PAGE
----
Effective Jan. 1, the city will no longer be part of the regional economic service. Now, the remaining East End participants are seeking a new service contract, minus Trail’s $78,000+ annual contribution. (Trail Times file photo)

Montrose delays decision on economic service

Trail has its own contract for an economic development service through the LCIC

With Trail out, six regional partners are looking to stay in.

Effective Jan. 1, the city will no longer be part of the regional economic service. Now, the remaining East End participants are seeking a new service contract, minus Trail’s $78,000+ annual contribution.

The first step for any new agreement between Rossland, Warfield, Montrose, Fruitvale and Areas A and B, begins with striking Trail’s name from the current service bylaw. That process, required by legislation, was up for discussion at the Montrose council table Monday night.

Before they sign anything, village leaders agreed that further clarification is needed about Trail’s new contract for economic development with the LCCDTS (Lower Columbia Community Development Team Society) and Lower Columbia Initiatives Corporation (LCIC).

“We haven’t agreed,” Montrose Mayor Joe Danchuk told the Trail Times. “And the LCCDTS/LCIC haven’t signed the contract with Trail yet, so we moved it over to the next meeting because we want to talk to other communities … Montrose council feels the agreement we have is good, working well and starting to get some traction,” he added.

“We don’t agree with Trail going on its own and after reading their contract, we are disappointed … we need to get some more clarification and meet with Trail before we make a decision.”

Mayor Danchuk previously questioned a section of the city’s contract which pertains to the name of the service. “Within the first six months of this agreement, develop and execute a process for the purpose of reviewing the name of the organization providing the service (Lower Columbia Initiatives Corporation) to ensure that there is appropriate external name recognition that maximizes the opportunity to fulfill the Society’s obligations as described in the Agreement,” the contract cites. “And do such other things reasonably connected or associated with the Services that may be requested from time to time by the City.”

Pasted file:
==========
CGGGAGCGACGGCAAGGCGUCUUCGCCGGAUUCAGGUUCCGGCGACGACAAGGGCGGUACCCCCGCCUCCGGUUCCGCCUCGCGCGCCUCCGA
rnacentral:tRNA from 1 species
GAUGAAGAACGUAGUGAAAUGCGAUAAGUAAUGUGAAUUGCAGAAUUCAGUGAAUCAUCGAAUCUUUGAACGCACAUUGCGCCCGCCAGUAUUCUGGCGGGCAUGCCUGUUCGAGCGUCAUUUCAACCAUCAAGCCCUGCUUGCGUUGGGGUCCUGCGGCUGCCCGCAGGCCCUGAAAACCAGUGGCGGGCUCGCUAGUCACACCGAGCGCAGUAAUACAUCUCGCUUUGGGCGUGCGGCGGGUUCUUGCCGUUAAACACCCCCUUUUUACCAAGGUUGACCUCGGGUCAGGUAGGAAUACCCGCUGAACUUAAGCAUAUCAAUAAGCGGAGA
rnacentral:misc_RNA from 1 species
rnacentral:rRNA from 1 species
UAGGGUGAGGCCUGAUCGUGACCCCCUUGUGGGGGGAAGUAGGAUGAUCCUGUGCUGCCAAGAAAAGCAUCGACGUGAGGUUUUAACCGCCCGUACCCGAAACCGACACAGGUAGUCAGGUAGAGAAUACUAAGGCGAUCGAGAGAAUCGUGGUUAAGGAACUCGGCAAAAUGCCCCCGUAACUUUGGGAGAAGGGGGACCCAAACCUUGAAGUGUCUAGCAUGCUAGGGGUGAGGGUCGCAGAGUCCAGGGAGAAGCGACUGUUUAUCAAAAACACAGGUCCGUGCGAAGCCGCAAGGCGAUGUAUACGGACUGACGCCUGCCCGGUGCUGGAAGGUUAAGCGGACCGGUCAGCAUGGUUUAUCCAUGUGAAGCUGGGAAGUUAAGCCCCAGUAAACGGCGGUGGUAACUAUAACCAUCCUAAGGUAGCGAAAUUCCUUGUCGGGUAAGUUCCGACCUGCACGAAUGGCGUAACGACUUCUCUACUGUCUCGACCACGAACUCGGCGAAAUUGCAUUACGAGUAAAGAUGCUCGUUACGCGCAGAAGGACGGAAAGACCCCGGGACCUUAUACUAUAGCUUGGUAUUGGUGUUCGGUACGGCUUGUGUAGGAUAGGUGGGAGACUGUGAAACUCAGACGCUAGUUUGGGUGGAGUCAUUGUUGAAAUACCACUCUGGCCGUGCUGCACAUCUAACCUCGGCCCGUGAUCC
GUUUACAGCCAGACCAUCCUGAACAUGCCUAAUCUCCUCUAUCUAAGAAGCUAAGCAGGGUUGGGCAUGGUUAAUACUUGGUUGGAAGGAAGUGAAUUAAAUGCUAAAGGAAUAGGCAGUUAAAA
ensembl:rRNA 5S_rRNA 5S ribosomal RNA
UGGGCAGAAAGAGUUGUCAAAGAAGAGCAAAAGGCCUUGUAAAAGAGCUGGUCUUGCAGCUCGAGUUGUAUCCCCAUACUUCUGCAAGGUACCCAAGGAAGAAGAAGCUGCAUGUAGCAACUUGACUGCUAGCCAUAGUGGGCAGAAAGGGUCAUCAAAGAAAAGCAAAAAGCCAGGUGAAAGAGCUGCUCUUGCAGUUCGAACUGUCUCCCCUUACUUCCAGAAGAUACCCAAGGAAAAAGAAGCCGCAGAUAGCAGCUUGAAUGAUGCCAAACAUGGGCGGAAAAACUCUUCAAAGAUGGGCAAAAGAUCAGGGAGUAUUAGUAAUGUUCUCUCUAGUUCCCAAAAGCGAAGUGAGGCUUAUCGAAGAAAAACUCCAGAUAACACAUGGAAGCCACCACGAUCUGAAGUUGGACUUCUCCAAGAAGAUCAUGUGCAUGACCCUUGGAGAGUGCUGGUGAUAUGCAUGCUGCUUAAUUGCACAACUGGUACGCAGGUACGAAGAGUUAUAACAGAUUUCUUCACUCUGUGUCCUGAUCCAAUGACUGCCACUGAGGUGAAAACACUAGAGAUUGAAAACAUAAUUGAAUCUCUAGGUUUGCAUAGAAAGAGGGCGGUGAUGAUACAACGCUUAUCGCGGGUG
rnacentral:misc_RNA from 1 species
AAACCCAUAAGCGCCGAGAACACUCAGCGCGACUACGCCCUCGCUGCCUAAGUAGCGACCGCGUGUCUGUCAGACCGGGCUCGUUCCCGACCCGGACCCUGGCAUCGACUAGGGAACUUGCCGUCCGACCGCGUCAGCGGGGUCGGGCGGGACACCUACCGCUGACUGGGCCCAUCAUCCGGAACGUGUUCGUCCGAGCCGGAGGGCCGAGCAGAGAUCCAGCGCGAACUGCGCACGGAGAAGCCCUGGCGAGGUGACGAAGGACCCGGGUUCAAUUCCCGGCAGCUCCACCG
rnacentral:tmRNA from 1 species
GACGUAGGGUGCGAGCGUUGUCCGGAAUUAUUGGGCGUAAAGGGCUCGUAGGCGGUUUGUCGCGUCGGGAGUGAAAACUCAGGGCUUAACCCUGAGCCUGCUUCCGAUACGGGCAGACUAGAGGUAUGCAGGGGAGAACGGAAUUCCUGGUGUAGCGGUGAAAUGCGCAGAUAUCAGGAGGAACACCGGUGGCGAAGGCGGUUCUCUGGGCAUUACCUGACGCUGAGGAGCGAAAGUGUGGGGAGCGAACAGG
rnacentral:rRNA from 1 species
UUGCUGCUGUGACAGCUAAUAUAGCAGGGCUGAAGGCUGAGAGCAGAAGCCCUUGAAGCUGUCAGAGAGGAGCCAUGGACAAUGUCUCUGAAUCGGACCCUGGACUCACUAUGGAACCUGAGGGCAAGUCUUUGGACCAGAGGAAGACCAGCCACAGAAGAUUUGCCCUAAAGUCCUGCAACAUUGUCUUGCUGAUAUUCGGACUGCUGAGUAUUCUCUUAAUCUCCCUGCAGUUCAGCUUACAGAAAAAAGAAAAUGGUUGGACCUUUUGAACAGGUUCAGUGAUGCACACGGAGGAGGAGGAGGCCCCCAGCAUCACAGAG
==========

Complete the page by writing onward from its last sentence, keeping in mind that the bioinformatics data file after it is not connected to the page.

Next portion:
“And if you read Trail’s contract they are saying they want a storefront manned during working hours, and we already have that,” Danchuk concluded. “At this stage, Montrose council needs more information before we agree to move the bylaw forward leaving Trail out and before we are prepared to sign off on it.”

Without Trail funding about 40 per cent of service, at this point, the regional budget stands at $111,000. Area A would contribute $34,000; Rossland $32,340; Area B $19,810; Fruitvale $10,448; Warfield $8,600; and Montrose $5,800.

“The city has provided the RDKB with notice to withdraw from the regional service,” Chief Administrative Officer David Perehudoff explained. “This paved the way for the City of Trail to enter into an agreement directly with the LCIC/LCCDTS.”

(The contract for service is between the regional district and the LCCDTS, and flows through to the LCIC, or Lower Columbia Initiatives Corporation)

Perehudoff confirmed a new agreement has been approved and signed by Trail city council and takes effect on January 1, 2018.

The RKDB has advanced a service amending bylaw to exclude Trail from the service, which city council will approve at the next council meeting, he added.

“The remaining East End participants will be in a position to negotiate directly with the LCCDTS/LCIC and this has nothing to do with the city, who no longer will be a member to the regional service.”

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